The new large landing ship “Ivan Gren” has come off the production line of the “Yantar” plant. The ship, named after the famous Soviet Admiral and scientist-artilleryman, is the chief ship of Project 11711. Ships of the project, along with the French/Russian-made “Mistral” helicopter carriers, are to form the basis of the Russian Navy’s landing force in the near future.
Currently, the landing forces of the Navy consist of 18 large landing ships. The basis of this fleet consists of 15 ships from Project 775 constructed in Poland, and three ships from project 1171 “Tapir” built in the USSR in the 1960s.
Although the project of the new large landing ship has a number similar to its predecessor – 11711 – there is nothing left from “Tapir” in it. According to available information, a similar project number was assigned for purposes of secrecy.
The new large landing ship differs from its predecessors in its lesser radio visibility due to modified forms of add-ons. The design of the dock-camera and the bow ramp was modified in order to facilitate the landing of troops and enhance its security, whether it is conducted by means of boats, or directly on shore.
The “Ivan Gren” has been under construction for quite a long time, from 2004 to 2012. It is expected to start operating only in 2013. This delay in construction was due both to the uncertainty of the landing forces’ role in the structure of the Fleet, and the project’s incompleteness. The second reason is still the problem of today: before issuing an order for a large series of ships, the Navy intends to put the “Ivan Gren” to the test in order to make a decision concerning the equipment and armament of prospective large landing ships. Today the second ship of Project 11711 is at the initial stage of construction. The work began in 2010, but it is unlikely to be sped up before 2013-14 i.e. before the conclusions are made basing on the results of the lead ship’s tests. After that an order can be made for a series of ships, improved according to the test’s results.
Altogether, including the order for four “Mistral” universal amphibious ships (UAS) – each of which can replace two large landing ships in regards to the accommodation of troop capacity – the Navy needs approximately 9-10 ships from Project 11711. The state armament program for the period of 2011-2020 lays down plans for the construction of six such ships. The rest will probably be built after 2020.
However, the “Ivan Gren’s” fate is not quite clear yet. It is possible that after the tests the lead ship of the new project will be used as a military transport “with landing potential.” First of all, it depends on the kind of weapons that will be placed on the newly built ship.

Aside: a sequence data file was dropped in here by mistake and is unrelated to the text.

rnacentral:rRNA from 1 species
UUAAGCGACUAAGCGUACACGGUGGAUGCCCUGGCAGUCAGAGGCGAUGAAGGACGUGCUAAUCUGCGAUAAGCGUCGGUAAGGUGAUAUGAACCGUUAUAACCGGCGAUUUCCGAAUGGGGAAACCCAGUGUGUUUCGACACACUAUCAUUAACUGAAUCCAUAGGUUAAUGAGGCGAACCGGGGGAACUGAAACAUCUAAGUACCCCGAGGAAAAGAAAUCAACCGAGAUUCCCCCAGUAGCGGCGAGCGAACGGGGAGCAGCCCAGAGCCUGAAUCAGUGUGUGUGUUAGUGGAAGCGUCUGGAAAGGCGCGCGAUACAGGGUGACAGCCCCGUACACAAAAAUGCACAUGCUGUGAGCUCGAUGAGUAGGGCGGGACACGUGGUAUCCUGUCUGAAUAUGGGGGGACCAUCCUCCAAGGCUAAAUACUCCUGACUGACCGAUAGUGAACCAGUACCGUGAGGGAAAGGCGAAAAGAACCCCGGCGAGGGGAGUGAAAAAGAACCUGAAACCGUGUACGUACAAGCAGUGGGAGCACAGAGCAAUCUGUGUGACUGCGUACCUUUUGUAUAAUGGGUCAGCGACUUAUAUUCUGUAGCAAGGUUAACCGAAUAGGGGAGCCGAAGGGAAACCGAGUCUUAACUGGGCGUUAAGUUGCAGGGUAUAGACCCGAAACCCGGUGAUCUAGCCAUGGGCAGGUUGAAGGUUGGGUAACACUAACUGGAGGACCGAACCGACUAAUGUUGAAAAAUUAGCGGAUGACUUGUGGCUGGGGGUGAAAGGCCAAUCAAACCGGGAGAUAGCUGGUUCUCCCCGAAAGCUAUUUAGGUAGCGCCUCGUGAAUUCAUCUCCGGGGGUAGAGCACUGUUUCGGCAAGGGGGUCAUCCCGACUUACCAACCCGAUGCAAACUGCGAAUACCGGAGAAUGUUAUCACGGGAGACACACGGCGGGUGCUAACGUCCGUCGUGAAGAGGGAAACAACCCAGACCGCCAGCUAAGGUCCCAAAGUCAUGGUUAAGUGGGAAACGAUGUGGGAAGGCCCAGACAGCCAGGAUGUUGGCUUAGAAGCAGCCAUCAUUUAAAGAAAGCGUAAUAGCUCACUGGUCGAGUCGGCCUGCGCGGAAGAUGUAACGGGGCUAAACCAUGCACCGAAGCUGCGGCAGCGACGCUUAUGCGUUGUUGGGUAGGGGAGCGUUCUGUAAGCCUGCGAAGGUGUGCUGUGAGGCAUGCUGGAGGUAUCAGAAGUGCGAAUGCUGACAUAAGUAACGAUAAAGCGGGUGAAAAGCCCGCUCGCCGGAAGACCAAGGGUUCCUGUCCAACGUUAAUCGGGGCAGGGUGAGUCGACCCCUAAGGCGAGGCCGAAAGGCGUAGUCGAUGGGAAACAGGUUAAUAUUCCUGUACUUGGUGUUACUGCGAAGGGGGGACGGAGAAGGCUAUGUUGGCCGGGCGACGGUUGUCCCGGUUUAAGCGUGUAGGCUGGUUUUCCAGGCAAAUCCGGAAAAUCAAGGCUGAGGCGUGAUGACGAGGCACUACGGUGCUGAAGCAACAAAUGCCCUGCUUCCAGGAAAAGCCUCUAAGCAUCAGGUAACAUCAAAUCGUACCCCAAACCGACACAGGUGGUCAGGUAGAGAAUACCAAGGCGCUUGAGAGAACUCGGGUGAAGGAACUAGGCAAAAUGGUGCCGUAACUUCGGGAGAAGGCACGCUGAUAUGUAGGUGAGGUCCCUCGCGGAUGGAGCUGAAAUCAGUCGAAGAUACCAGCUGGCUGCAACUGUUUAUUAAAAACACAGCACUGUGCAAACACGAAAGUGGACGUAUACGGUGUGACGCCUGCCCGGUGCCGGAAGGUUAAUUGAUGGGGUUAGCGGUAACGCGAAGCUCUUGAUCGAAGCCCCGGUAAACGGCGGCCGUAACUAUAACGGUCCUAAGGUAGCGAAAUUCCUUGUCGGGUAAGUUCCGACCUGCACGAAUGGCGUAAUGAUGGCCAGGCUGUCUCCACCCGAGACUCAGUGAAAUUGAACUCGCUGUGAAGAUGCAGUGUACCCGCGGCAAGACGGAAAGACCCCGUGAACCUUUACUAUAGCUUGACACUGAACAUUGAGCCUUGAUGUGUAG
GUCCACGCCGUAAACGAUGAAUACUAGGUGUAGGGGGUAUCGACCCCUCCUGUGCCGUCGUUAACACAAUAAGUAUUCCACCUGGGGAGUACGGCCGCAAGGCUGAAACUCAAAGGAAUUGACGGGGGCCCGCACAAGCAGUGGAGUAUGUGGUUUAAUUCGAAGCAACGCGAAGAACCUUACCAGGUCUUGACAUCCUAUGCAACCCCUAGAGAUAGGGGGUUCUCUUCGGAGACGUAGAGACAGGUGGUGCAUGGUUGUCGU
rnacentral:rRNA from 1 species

The contract for the construction of two UAS “Mistral” in France and two more under license in Russia has caused a heated reaction in the West and in some post-soviet states – especially in Georgia and Baltic countries. Versions concerning the use of the new UAS in the Baltic Sea and the Black Sea were seriously discussed there. These publicly stated concerns, however, can be regarded only as “demonstrative actions”, because it is obvious that a 21,000 ton UAS with a sailing range of about 20,000 miles is not intended for sailing in “ponds” like the Black or Baltic Seas. The actual renewal of the landing forces in these theaters of military action means that large landing ships of average dimensions and range of sailing will be added to the armory.
These ships are able to land a reinforced company of marines (or a battalion, but without equipment), and to support the landing by means of artillery fire and multiple launch rocket systems. It is optimal to use them in conflicts, such as the August War of 2008. It should be noted that the UAS of project 11711 – alongside a larger accommodation of troops capacity – have a smaller sailing range than their predecessors, which suggests their use primarily in coastal zones.
The new UAS is not enough to maintain full-fledged assault forces of the Fleet. The marines of the Russian Navy need new armored vehicles, including floating ones, and landing boats, both conventional and on air cushions, which can be applied both from the board of the amphibious ships and on their own.
A renewal of the helicopter fleet is also badly needed. It is supposed to solve this problem by purchasing the upgraded Ka-29 (transport- combatant) helicopters and the latest Ka-52К (deck combat helicopters).
Meanwhile we are to wait for the results of the “Ivan Gren” tests. In the next two years the structure of the Russian Navy landing forces will become clear.